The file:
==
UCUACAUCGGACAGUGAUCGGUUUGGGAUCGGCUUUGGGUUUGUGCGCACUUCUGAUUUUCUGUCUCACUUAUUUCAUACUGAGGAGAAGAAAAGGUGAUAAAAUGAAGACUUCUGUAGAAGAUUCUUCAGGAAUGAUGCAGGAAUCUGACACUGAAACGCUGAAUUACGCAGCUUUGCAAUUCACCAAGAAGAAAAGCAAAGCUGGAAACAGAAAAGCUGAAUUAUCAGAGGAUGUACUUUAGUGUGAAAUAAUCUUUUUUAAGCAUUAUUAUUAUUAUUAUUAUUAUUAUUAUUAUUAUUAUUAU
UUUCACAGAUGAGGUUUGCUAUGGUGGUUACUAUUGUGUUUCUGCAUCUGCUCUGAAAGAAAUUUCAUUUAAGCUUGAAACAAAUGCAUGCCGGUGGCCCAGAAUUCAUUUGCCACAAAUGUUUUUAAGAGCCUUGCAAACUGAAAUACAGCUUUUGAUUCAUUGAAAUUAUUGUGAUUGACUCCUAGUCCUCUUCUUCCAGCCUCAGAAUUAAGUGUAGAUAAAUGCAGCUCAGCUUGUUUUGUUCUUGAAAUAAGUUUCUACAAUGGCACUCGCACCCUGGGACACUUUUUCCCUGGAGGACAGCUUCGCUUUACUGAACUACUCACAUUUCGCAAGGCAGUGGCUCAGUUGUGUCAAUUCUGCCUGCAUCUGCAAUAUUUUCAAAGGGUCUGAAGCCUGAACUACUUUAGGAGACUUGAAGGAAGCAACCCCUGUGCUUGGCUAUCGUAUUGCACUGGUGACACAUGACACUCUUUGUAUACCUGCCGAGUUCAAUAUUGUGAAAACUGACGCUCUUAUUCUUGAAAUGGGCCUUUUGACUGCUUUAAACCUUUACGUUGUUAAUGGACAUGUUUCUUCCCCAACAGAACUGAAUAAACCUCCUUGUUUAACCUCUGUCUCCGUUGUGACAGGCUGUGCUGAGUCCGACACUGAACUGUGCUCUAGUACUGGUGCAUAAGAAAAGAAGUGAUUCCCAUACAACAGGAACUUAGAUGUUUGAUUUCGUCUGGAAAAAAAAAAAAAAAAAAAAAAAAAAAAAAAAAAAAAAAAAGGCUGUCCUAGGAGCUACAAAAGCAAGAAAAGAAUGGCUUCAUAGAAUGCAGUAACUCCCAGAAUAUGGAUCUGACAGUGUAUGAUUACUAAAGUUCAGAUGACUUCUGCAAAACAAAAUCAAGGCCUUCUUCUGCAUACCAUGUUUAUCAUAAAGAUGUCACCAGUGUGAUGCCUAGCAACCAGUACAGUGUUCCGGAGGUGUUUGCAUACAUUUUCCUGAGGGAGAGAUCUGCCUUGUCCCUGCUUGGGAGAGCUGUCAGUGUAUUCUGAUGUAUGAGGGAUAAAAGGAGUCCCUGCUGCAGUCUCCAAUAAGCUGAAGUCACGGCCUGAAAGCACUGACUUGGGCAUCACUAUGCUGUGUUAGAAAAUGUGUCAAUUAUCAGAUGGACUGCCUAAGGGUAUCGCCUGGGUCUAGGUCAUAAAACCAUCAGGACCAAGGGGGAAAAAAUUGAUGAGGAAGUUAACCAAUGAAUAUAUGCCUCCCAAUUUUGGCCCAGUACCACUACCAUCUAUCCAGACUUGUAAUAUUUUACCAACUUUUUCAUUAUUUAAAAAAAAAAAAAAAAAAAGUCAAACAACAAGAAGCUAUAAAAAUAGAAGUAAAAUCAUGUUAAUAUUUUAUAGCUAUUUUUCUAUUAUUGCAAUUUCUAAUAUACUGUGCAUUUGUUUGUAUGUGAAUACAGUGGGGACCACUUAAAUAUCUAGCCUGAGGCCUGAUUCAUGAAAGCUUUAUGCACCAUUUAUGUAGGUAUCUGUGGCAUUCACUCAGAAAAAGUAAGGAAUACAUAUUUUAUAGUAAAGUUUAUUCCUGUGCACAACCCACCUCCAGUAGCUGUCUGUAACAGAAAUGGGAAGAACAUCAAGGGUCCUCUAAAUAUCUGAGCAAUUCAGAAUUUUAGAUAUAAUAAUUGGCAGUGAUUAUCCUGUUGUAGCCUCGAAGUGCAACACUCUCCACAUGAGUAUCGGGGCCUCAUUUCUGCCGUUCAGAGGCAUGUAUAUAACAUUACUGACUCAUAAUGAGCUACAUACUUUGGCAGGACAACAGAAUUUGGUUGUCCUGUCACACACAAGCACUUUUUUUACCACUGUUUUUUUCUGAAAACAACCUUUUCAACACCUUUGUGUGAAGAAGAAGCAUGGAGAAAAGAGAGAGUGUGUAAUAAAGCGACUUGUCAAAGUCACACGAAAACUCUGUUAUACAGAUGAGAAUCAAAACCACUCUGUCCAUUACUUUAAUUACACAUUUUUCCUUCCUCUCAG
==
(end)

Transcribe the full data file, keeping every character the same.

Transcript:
UCUACAUCGGACAGUGAUCGGUUUGGGAUCGGCUUUGGGUUUGUGCGCACUUCUGAUUUUCUGUCUCACUUAUUUCAUACUGAGGAGAAGAAAAGGUGAUAAAAUGAAGACUUCUGUAGAAGAUUCUUCAGGAAUGAUGCAGGAAUCUGACACUGAAACGCUGAAUUACGCAGCUUUGCAAUUCACCAAGAAGAAAAGCAAAGCUGGAAACAGAAAAGCUGAAUUAUCAGAGGAUGUACUUUAGUGUGAAAUAAUCUUUUUUAAGCAUUAUUAUUAUUAUUAUUAUUAUUAUUAUUAUUAUUAUUAU
UUUCACAGAUGAGGUUUGCUAUGGUGGUUACUAUUGUGUUUCUGCAUCUGCUCUGAAAGAAAUUUCAUUUAAGCUUGAAACAAAUGCAUGCCGGUGGCCCAGAAUUCAUUUGCCACAAAUGUUUUUAAGAGCCUUGCAAACUGAAAUACAGCUUUUGAUUCAUUGAAAUUAUUGUGAUUGACUCCUAGUCCUCUUCUUCCAGCCUCAGAAUUAAGUGUAGAUAAAUGCAGCUCAGCUUGUUUUGUUCUUGAAAUAAGUUUCUACAAUGGCACUCGCACCCUGGGACACUUUUUCCCUGGAGGACAGCUUCGCUUUACUGAACUACUCACAUUUCGCAAGGCAGUGGCUCAGUUGUGUCAAUUCUGCCUGCAUCUGCAAUAUUUUCAAAGGGUCUGAAGCCUGAACUACUUUAGGAGACUUGAAGGAAGCAACCCCUGUGCUUGGCUAUCGUAUUGCACUGGUGACACAUGACACUCUUUGUAUACCUGCCGAGUUCAAUAUUGUGAAAACUGACGCUCUUAUUCUUGAAAUGGGCCUUUUGACUGCUUUAAACCUUUACGUUGUUAAUGGACAUGUUUCUUCCCCAACAGAACUGAAUAAACCUCCUUGUUUAACCUCUGUCUCCGUUGUGACAGGCUGUGCUGAGUCCGACACUGAACUGUGCUCUAGUACUGGUGCAUAAGAAAAGAAGUGAUUCCCAUACAACAGGAACUUAGAUGUUUGAUUUCGUCUGGAAAAAAAAAAAAAAAAAAAAAAAAAAAAAAAAAAAAAAAAAGGCUGUCCUAGGAGCUACAAAAGCAAGAAAAGAAUGGCUUCAUAGAAUGCAGUAACUCCCAGAAUAUGGAUCUGACAGUGUAUGAUUACUAAAGUUCAGAUGACUUCUGCAAAACAAAAUCAAGGCCUUCUUCUGCAUACCAUGUUUAUCAUAAAGAUGUCACCAGUGUGAUGCCUAGCAACCAGUACAGUGUUCCGGAGGUGUUUGCAUACAUUUUCCUGAGGGAGAGAUCUGCCUUGUCCCUGCUUGGGAGAGCUGUCAGUGUAUUCUGAUGUAUGAGGGAUAAAAGGAGUCCCUGCUGCAGUCUCCAAUAAGCUGAAGUCACGGCCUGAAAGCACUGACUUGGGCAUCACUAUGCUGUGUUAGAAAAUGUGUCAAUUAUCAGAUGGACUGCCUAAGGGUAUCGCCUGGGUCUAGGUCAUAAAACCAUCAGGACCAAGGGGGAAAAAAUUGAUGAGGAAGUUAACCAAUGAAUAUAUGCCUCCCAAUUUUGGCCCAGUACCACUACCAUCUAUCCAGACUUGUAAUAUUUUACCAACUUUUUCAUUAUUUAAAAAAAAAAAAAAAAAAAGUCAAACAACAAGAAGCUAUAAAAAUAGAAGUAAAAUCAUGUUAAUAUUUUAUAGCUAUUUUUCUAUUAUUGCAAUUUCUAAUAUACUGUGCAUUUGUUUGUAUGUGAAUACAGUGGGGACCACUUAAAUAUCUAGCCUGAGGCCUGAUUCAUGAAAGCUUUAUGCACCAUUUAUGUAGGUAUCUGUGGCAUUCACUCAGAAAAAGUAAGGAAUACAUAUUUUAUAGUAAAGUUUAUUCCUGUGCACAACCCACCUCCAGUAGCUGUCUGUAACAGAAAUGGGAAGAACAUCAAGGGUCCUCUAAAUAUCUGAGCAAUUCAGAAUUUUAGAUAUAAUAAUUGGCAGUGAUUAUCCUGUUGUAGCCUCGAAGUGCAACACUCUCCACAUGAGUAUCGGGGCCUCAUUUCUGCCGUUCAGAGGCAUGUAUAUAACAUUACUGACUCAUAAUGAGCUACAUACUUUGGCAGGACAACAGAAUUUGGUUGUCCUGUCACACACAAGCACUUUUUUUACCACUGUUUUUUUCUGAAAACAACCUUUUCAACACCUUUGUGUGAAGAAGAAGCAUGGAGAAAAGAGAGAGUGUGUAAUAAAGCGACUUGUCAAAGUCACACGAAAACUCUGUUAUACAGAUGAGAAUCAAAACCACUCUGUCCAUUACUUUAAUUACACAUUUUUCCUUCCUCUCAG